The first week passes quickly and by the time the second week is half-way through they're turned around and on their way back, heading west to Konoha. He's grown a bit used to sleeping on the ground, warming himself against the chill of the night with his chakra. More animals have fallen to his hands, and he's a bit numb to it now. It still feels saddening—but only for a moment. There's no other food out here, and survival takes precedence over his feelings.

Genma teaches him hand signals for stop, go, enemy approaching and enemy spotted. There's a few others to go over, but Genma takes pity on his fried brain and only teaches a few. Natsume learned a lot during this trip, more than he expected. Shinobi life is harsh and miserable and relies far more on base instincts than he'd first anticipated. They become tools and animals for their village, chained dogs to bark and tear at each other. Like Genma had said, animals are easier to kill than you think.

Not having a toothbrush sucks. Not having more clothes is awful. Not knowing if you'll have enough food is terrifying. But they are shinobi and they must be exposed to this. They must learn from it—how to overcome, how to flourish in the wilderness like the beasts they are.

They're making their way back and he doesn't smell because he learned how to clean himself and his clothes in the wild. He's not hungry because he learned how to hunt and forage. He's not dead because he learned how to stay on guard, how to look for signs of nearby life and how to be on his feet within a second of waking. He can regulate his temperature with chakra and walk on water. He memorized hand signals for foriegn nin and basic movement.

It was only one training trip, but he already feels stronger. He already feels better than he was when they left.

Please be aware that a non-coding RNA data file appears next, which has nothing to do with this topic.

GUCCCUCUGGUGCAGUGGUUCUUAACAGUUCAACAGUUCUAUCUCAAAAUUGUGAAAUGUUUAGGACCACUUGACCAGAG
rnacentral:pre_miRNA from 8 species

"They won't all be like this," Genma murmurs around his senbon. "We'll come across bandits, criminals or foreign shinobi. I chose to keep us towards the east because it was less likely for us to run into other shinobi—unless Kiri decided to cross the ocean and infiltrate the forests."

"Could they do that?"

His sensei shakes his head. "Not without some trouble. We have guard posts along the entire border of the Land of Fire. On most occasions, it's not the most exciting job in the world." Genma glances back at him as they fly through the trees. "Unfortunately we'll probably have to suffer through it soon enough."

Natsume frowns, "Doesn't really sound like something a genin should participate in."

"Normally, you'd be correct. For you, it'll be good C Rank experience, especially if we're posted by the coastal border or the border with Kusa. The Suna-Konoha border might be okay, but even with the alliance we're not exactly buddy-buddy."

"Politics." Natsume scoffs lightly.

Genma grins a little, "You said it."

They reach Konoha at the end of the second week, when the sun is orange and heavy above the horizon. He doesn't feel any sort of excitement when he sees the gates. What he is excited about is seeing Naruto, and maybe that shows on his face.

"Glad to be home?" Genma asks, a knowing smile on his mouth.

Natsume isn't quite sure the man actually gets it—because Konoha isn't a home. It's wood and cement and eyes on his back. A prison. Naruto is his home. But he's learned more on the trip than just survival. He spent two weeks in close quarters with a man who put his heart and soul into serving Konoha, so he gets it now.

He gets it.

You don't get far if you act traitorous—if you show your scorn for the village. This is a military dictatorship and prodigy or not he's a child in a world meant for adults.

"Yes," he says, Naruto's smile and bright blue eyes in his head, "I'm glad to be home and take an actual shower."